Journal Article

Functional expression of adhesive peptides as fusions to Escherichia coli flagellin.

B Westerlund-Wikström, J Tanskanen, R Virkola, J Hacker, M Lindberg, M Skurnik and T K Korhonen

in Protein Engineering, Design and Selection

Volume 10, issue 11, pages 1319-1326
Published in print November 1997 | ISSN: 1741-0126
Published online November 1997 | e-ISSN: 1741-0134 | DOI:
Functional expression of adhesive peptides as fusions to Escherichia coli flagellin.

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An expression system for studying epitopes of adhesion proteins based on fusion of gene fragments into fliC(H7) of Escherichia coli is described. We constructed the system by an in-frame insertion of DNA fragments encoding one, two or three of the fibronectin-binding D repeats present in the fibronectin-binding protein A (FnBPA) of Staphylococcus aureus, into the fliC(H7) gene region encoding the variable domain of the H7 flagellin. The constructs were expressed by in trans complementation in the E. coli strain JT1 which harbours knock-out mutations for the expression of FliC as well as of the mannoside-binding fimbrial adhesin. The resulting chimeric flagella, which contained 39, 77 or 115 heterologous amino acid residues, efficiently bound soluble and immobilized human plasma and cellular fibronectin, and the binding was most efficient with the flagella containing the three D repeats of FnBPA. The chimeric flagella bound to frozen sections of human kidney and to cultured human cells. Antibodies raised against the chimeric flagella bound to Protein A-deficient S. aureus cells and inhibited the binding of staphylococci to immobilized fibronectin. We also expressed peptides, ranging in size between 48 and 302 amino acids, of the collagen-binding YadA adhesin of Yersinia enterocolitica. A fragment of 302 amino acids representing the middle region of YadA was needed for collagen binding. Chimeric flagellar filaments expressing hundreds of intimately associated adhesive epitopes offer versatile tools to analyze adhesin-receptor interactions and functional epitopes of adhesion proteins.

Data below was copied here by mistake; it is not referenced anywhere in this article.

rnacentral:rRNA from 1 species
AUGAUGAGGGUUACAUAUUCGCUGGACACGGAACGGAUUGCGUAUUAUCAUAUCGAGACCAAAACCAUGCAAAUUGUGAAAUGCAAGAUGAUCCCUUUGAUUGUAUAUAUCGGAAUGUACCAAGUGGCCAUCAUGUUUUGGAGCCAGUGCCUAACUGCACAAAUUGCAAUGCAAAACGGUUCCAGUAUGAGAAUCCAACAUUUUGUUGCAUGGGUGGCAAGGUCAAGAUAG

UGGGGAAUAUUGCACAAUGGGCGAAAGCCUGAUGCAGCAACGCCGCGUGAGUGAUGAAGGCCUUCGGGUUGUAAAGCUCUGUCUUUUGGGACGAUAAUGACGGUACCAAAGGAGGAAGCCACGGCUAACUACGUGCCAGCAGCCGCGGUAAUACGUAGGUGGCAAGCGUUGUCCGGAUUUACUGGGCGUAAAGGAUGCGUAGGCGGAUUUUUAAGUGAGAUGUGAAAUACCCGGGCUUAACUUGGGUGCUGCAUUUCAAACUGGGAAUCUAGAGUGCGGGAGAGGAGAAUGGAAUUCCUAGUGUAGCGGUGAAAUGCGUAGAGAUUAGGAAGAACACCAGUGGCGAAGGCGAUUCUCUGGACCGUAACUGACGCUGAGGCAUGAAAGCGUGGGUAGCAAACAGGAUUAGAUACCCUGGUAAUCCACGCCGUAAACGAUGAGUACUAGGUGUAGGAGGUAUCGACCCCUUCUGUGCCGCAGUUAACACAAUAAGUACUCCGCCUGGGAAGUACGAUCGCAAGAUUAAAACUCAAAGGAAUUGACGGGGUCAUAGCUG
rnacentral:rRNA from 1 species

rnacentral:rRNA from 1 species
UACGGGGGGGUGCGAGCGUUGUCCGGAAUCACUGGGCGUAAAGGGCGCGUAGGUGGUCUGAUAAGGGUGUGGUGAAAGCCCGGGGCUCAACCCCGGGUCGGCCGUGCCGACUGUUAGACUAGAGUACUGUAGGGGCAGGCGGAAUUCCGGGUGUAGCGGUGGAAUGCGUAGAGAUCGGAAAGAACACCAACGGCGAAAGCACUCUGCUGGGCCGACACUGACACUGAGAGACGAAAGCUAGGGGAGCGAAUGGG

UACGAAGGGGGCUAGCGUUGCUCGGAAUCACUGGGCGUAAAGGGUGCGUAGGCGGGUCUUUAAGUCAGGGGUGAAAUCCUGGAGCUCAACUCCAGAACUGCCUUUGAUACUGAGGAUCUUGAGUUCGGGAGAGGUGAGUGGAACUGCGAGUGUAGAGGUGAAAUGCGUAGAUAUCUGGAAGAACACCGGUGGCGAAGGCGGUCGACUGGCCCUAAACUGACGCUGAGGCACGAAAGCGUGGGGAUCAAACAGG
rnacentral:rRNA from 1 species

Journal Article.  0 words. 

Subjects: Proteins

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